Arthur Millers The Crucible Literary Analysis and Plot

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 From politics to the dinner table, arguments are based on changing and modifying people’s opinions. Change in opinions are most often caused because of the way our minds were built; not based on what they see, but based on their beliefs. Studies have shown that our brains maneuver faster at processing opinions we agree with ( In the play, The Crucible, Arther Miller is trying to get the message across that individuals have the tendency to be pushed or persuaded to intercede on the opinions of other people without evidence.

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Abigail Williams, the girl who was dancing in the woods with her friends to specifically summon the devil, not only changed throughout the story; in fact, she changed the towns outlook about her and the girls. Abigail may be the least complex in the play, but she clearly is the villain in the story. She accused other people of witchcraft because it benefits her by helping her get out of trouble for dancing and conjuring in the woods; it also makes her seem more powerful. In Act I, after she was caught she said, “I want to open myself! I want the light of God, I want the sweet love of Jesus! I danced for the Devil; I saw him; I wrote in his book; I go back to Jesus; I kiss His hand. I saw Sarah Good with the Devil! I saw Goody Osburn with the Devil! I saw Bridget Bishop with the devil!” (Miller). In this quote, Abigail aims to shift the blame on the others by showing her faithfulness to God also to throw the girls under the bus. After Abigail got caught, she tries to shift the focus of the town away from the dancing, and towards something much more consequential, witchcraft. All of a sudden, Abigail changes from a child playing innocent games, to a manipulative woman, accusing townspeople of conjuring spirits. In Act I, she skillfully manages to pin the whole thing on Tituba, she says “Now look you. All of you. We danced. And Tituba conjured Ruth Putnam’s dead sisters. And that is all. And mark this. Let either of you breathe a word, or the edge of a word, about the other things, and I will come to you in the black of some terrible night and I will bring a pointy reckoning that will shudder you. And you know I can do it..” (Miller 113) Abigail tries to pin it on Tituba, when clearly she is the one who thought of the idea in the first place.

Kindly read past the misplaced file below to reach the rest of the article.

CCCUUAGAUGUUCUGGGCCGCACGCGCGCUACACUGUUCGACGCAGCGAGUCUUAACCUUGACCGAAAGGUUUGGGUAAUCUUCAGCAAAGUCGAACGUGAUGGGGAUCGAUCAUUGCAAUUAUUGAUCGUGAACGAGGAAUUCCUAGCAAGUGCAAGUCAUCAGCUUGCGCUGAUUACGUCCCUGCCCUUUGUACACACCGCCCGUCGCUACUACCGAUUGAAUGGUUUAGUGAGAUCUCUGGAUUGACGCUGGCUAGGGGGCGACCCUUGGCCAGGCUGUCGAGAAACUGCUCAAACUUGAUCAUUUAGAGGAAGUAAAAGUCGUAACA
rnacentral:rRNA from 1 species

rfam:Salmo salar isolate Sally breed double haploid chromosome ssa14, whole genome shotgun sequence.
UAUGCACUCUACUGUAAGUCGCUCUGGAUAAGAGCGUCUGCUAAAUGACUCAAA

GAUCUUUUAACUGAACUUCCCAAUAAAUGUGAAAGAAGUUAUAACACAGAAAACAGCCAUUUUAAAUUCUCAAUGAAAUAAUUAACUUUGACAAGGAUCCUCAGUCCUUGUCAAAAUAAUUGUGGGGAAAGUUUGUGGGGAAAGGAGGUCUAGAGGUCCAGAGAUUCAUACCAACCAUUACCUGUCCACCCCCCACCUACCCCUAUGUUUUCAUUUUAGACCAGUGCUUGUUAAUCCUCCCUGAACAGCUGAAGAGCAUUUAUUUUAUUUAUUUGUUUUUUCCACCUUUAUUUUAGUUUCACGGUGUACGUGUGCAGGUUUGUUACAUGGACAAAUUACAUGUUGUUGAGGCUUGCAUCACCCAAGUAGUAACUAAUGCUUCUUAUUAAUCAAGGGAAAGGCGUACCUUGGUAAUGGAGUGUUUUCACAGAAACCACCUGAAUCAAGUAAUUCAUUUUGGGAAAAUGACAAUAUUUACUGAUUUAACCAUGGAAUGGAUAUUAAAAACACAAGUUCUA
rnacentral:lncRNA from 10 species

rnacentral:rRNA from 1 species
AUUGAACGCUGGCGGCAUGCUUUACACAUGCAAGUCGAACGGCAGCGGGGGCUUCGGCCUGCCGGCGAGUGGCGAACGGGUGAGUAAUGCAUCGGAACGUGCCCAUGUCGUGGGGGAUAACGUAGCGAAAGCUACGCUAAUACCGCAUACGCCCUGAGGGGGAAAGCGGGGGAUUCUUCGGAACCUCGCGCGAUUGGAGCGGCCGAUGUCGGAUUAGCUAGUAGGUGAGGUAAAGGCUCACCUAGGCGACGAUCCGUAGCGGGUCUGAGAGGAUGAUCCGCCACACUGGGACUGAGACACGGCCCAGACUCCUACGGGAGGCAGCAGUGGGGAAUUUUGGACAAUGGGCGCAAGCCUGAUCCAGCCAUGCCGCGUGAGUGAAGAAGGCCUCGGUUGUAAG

John Proctor, on the other hand, a nonconformist, never accuses people of witchery and never believes it. John, a well known meritorious man for what he has done for the town; however, he never got the recognition for his adventitious work. As the people of Salem grew up, it was a tradition or practice in the society that the witches exist and everyone has to follow that belief. John did not follow everyone else; he had his own morals and beliefs. John says, “I have confessed myself! Is there no good penitence but it be public? God does not need my name nailed upon the church! God sees my name; God knows how black my sins are! It is enough!” (Miller 1163). John Proctor denies nothing. When he befalls accusation of witchery; although he knew he was not a witch, he never confessed of it. John tried to stop Abigail’s accusing rampage by confessing to adultery because he knew she was making false accusations.

Reverend Hale, who counsels the guilty witches to lie, and confesses their supposedly sins in order to save their own lives. In his change of heart and subsequent despair, Hale gains the audience’s sympathy, but not their respect. Over the course of the play, he experiences a transformation, more remarkable than that of any other character. Listening to John Proctor and Mary Warren, he becomes convinced that they, except Abigail, are telling the truth. Hale does not want to end up with the blood of innocent people on his hands, or at least innocent people who are widely respected like Rebecca Nurse and John Proctor. Reverend Hale changes his position on the witch trials because he feels determined to save Proctor from execution. Hale then becomes convinced that the court does not care about the truth. A man has just surrendered himself to the crime of lechery; they do not believe him and the court would rather charge him of witchcraft.

Throughout Arthur Miller’s play he tries to portray the message that one should not be persuaded or transmuted by another groups opinion without evidence. In The Crucible literary analysis the citizens persuade people that certain people prevail as a witch; even if the victim is not. In the town of Salem, the citizens were expected to follow everyone’s beliefs. If one did not agree, the court would declare of witchery. Although people have many different opinions or beliefs than others, everyone tends to follow the beliefs or surmise in a community.

Works Cited

  1. Mahoney, John. The Crucible, Arthur Miller. Letts Educational, 2004.
  2. “The Surprising Reason People Change Their Minds – BBC Future.” BBC News, BBC,
  4. nds?ocid=global_future_rss.  

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